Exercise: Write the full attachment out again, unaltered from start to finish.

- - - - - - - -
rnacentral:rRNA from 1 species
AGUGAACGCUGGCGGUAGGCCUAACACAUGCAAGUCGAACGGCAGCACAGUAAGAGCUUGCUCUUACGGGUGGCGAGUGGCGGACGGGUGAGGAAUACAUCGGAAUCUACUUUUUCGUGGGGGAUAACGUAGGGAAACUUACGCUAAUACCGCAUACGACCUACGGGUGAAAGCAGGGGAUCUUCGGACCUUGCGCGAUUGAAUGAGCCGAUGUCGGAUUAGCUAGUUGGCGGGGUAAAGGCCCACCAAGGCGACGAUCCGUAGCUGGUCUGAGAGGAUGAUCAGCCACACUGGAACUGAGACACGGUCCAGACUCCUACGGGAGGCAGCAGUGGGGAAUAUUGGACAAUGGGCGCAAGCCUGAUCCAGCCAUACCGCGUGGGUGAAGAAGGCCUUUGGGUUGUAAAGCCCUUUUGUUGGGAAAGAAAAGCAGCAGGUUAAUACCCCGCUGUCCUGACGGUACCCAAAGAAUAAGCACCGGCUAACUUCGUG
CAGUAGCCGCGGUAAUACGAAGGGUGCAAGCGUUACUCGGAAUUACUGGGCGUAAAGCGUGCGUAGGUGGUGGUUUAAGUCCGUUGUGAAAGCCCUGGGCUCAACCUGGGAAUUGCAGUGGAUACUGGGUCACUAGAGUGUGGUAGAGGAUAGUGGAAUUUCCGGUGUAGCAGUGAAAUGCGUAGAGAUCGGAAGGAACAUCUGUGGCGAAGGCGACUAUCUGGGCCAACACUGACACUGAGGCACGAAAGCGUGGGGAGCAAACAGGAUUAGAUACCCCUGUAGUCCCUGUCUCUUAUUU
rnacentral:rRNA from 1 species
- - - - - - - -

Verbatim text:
rnacentral:rRNA from 1 species
AGUGAACGCUGGCGGUAGGCCUAACACAUGCAAGUCGAACGGCAGCACAGUAAGAGCUUGCUCUUACGGGUGGCGAGUGGCGGACGGGUGAGGAAUACAUCGGAAUCUACUUUUUCGUGGGGGAUAACGUAGGGAAACUUACGCUAAUACCGCAUACGACCUACGGGUGAAAGCAGGGGAUCUUCGGACCUUGCGCGAUUGAAUGAGCCGAUGUCGGAUUAGCUAGUUGGCGGGGUAAAGGCCCACCAAGGCGACGAUCCGUAGCUGGUCUGAGAGGAUGAUCAGCCACACUGGAACUGAGACACGGUCCAGACUCCUACGGGAGGCAGCAGUGGGGAAUAUUGGACAAUGGGCGCAAGCCUGAUCCAGCCAUACCGCGUGGGUGAAGAAGGCCUUUGGGUUGUAAAGCCCUUUUGUUGGGAAAGAAAAGCAGCAGGUUAAUACCCCGCUGUCCUGACGGUACCCAAAGAAUAAGCACCGGCUAACUUCGUG
CAGUAGCCGCGGUAAUACGAAGGGUGCAAGCGUUACUCGGAAUUACUGGGCGUAAAGCGUGCGUAGGUGGUGGUUUAAGUCCGUUGUGAAAGCCCUGGGCUCAACCUGGGAAUUGCAGUGGAUACUGGGUCACUAGAGUGUGGUAGAGGAUAGUGGAAUUUCCGGUGUAGCAGUGAAAUGCGUAGAGAUCGGAAGGAACAUCUGUGGCGAAGGCGACUAUCUGGGCCAACACUGACACUGAGGCACGAAAGCGUGGGGAGCAAACAGGAUUAGAUACCCCUGUAGUCCCUGUCUCUUAUUU
rnacentral:rRNA from 1 species